Twitch hot tub streams lead to a surge in toxic comments on the platform

Jumping on the latest trend is often the key to success for many creators—same goes for Twitch and the concept of a ‘meta’. A ‘metagame’ (shortened meta) refers to finding an optimal way of achieving success in the competitive gaming landscape. As streamers constantly look for ways to maximise growth, reach and income, a controversial meta has been cropping up on the scene. Welcome to the slippery little world of hot tub streams.

What are hot tub streams?

Taking off as a full-blown trend last month, hot tub streams usually feature female streamers clad in swimwear—broadcasting directly from their bathtubs or swimming pools. Inflatable tubs, green screens and sometimes even buckets are used by streamers who want to jump on the trend with no major investments. Popular on the platform’s ‘Just Chatting’ directory, hot tub streamers can be found lounging in their tubs for hours chatting to their audience about a wide range of topics.

“I wanted some kind of different content and no one else was doing it,” said variety streamer XoAeriel who jump-started the trend. In an interview with Kotaku, the streamer admitted to purchasing a blow-up hot tub from Amazon with LED lights to go inside before streaming. “Views took off pretty quickly and my following started to grow pretty fast. A few streamers started noticing this and ordered blow-up hot tubs for themselves.”

Since the end of March 2021, popular hot tub streamer Amouranth has gained over 500,000 followers. Indiefoxx, the second biggest streamer to regularly stream from a hot tub, gained almost 300,000 and counting. Although others like Spoopy Kitt and XoAeriel haven’t amassed numbers this large, Kotaku noted how they’ve still managed to pull in thousands of fresh viewers in just over a month.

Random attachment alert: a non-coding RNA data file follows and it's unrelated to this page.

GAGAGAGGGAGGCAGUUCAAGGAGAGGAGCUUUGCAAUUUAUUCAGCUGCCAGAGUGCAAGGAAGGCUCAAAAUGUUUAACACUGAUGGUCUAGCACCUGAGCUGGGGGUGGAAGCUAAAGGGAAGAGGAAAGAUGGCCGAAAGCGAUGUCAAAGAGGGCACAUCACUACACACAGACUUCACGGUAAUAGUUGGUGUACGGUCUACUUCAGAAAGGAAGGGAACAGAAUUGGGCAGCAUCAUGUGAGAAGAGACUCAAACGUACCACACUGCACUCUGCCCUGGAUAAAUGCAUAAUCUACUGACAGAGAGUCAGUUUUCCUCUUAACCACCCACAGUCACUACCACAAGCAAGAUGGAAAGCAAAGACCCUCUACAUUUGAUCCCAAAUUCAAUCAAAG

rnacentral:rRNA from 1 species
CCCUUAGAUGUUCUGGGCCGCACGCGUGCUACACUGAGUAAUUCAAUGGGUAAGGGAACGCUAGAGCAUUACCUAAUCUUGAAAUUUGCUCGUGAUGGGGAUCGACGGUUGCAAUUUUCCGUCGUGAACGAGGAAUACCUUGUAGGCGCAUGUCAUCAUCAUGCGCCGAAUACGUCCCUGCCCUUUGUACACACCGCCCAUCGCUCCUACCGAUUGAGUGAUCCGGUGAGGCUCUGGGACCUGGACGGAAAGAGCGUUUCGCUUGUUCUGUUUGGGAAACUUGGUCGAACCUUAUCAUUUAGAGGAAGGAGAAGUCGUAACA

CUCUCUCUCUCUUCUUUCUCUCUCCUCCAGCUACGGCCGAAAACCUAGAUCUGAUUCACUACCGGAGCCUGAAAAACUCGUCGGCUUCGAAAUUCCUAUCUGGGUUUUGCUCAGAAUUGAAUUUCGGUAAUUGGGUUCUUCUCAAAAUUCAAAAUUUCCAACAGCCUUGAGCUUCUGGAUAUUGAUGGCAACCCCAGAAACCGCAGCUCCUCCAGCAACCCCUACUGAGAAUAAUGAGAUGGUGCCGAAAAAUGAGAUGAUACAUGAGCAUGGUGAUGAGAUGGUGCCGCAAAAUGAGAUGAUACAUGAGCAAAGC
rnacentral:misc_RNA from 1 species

These streamers also come up with constant innovations to keep hot tub streams alive as a trend. Amouranth, for example, now hosts a podcast with other streamers—engaging in some socially-distanced gossiping sessions broadcasted from their respective hot tubs, be it inflatable or full-blown 8 feet swimming pools. Even the coveted VTubers (Virtual YouTubers) have jumped on the craze, streaming their 2D avatars from customised virtual tubs.

What does the audience and fellow streamers think about the meta?

Let’s start by breaking down the demand and impact of hot tub streams on its audience. While hot tub streams usually pan out like all other streams featured on the platform’s ‘Just Chatting’ section, one of the major differences lies in the conversations that go down in the chats. While some viewers ask standard questions about the streamer’s day and future plans, others leer, pass offensive remarks and go as far as imploring female streamers to remove pieces of clothing.

Firedancer, a variety streamer specialising in makeup and cosplay, outlined how harassment has gone up on Twitch ever since the mainstream popularity of hot tub streams. “Some viewers have also gotten very toxic in the last few weeks,” the streamer added in the interview with Kotaku.

One can first-handedly experience these claims themselves by keeping a close eye on the chats under hot tub streams. For the 10-minute window I watched Amouranth’s recent live, I could spot a plethora of suggestive comments—if not emoji combinations—popping up in numbers hard to keep track of. While some engaged in regular conversations with the streamer, others used zeros to replace the os in the word ‘boobs’ to avoid being banned by the moderators in the chat. Some publicly admitted wanting to see an “accidental wardrobe malfunction” while others advised her to start an OnlyFans.